Mid Dorset and North Poole Constituency
What’s special and valuable about Mid Dorset and North Poole’s natural environment?
There are not only open heaths, including some of the largest and finest remaining in the county, but also large tracts of former heath planted with conifers. All are of international importance for their scarce habitat and rare species, such as nightjars, Dartford warblers and sand lizards, along with plants Dorset heath and marsh gentians.
Flowing through the constituency is the River Stour and the important Piddle and Allen chalk rivers, where the native whiteclawed crayfish, otters, and water voles are found.
Poole Harbour experiences some of the smallest tides in the UK, with an unusually long high-water stand. Along the harbour edge, the rich mudflats support huge numbers of wading birds, some with international importance, and a valuable shell fishery.
As well as large conifer plantations there are many small copses on the clay soils around the heath area. These are the stronghold of the scarce narrow-leaved lungwort and some have displays of wild daffodils.
Protecting and restoring nature in Mid Dorset and North Poole constituency
Restoring and connecting heathland: Since the mid eighteenth century 85% of heathland in Dorset has been lost, leaving isolated fragments. The Great Heath project, which was established in 2013 (funded by the HLF), aims to link people and wildlife across the area, creating a landscape rich in wildlife and highly valued, enjoyed and cared for by people. This project has seen the purchase of land, creation of nature parks and collaborative working with other organisations to start the process of linking wild spaces for the benefit of wildlife. The main funding of this project is coming to an end, so we need to make sure the work is continued.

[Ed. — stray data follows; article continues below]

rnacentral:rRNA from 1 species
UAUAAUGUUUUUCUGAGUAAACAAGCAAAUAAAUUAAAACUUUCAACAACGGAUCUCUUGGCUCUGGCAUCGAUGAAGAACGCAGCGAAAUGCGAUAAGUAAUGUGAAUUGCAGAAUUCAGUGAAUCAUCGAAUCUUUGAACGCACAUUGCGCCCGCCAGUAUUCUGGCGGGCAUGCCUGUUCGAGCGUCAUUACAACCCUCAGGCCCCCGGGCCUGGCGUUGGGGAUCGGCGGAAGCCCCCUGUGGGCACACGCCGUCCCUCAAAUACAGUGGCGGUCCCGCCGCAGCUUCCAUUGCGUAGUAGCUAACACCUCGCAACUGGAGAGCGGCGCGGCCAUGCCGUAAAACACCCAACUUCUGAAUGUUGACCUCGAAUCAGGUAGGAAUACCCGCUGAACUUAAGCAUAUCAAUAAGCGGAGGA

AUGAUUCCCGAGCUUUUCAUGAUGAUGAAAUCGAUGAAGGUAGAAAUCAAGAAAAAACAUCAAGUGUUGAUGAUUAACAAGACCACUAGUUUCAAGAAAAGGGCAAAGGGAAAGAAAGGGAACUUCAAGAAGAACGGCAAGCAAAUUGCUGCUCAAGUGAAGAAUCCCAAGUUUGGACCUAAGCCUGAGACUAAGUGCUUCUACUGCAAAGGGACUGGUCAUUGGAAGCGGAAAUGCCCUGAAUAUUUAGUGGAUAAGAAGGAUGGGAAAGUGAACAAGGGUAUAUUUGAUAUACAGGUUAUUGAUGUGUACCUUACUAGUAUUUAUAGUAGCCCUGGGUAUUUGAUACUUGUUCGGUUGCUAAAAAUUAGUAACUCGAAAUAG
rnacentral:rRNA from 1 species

Restoring and managing our woodlands: Surprisingly perhaps, the South West is one of the least wooded areas in the Britain. We have some wonderful broadleaved woodlands and amazing ancient trees that are extraordinarily rich for nature. But many of our woodlands have been planted with non-native trees and struggle with problems such as overgrazing, for example by deer. The challenge now is to restore, manage and connect our woodlands.
What you can do
Please share the below questions with your local candidates, through social media, email or face to face, and ask other people who care about nature in your constituency, to do the same. This will give you a basis for keeping the natural environment on their agenda and let them know how important it is to you.
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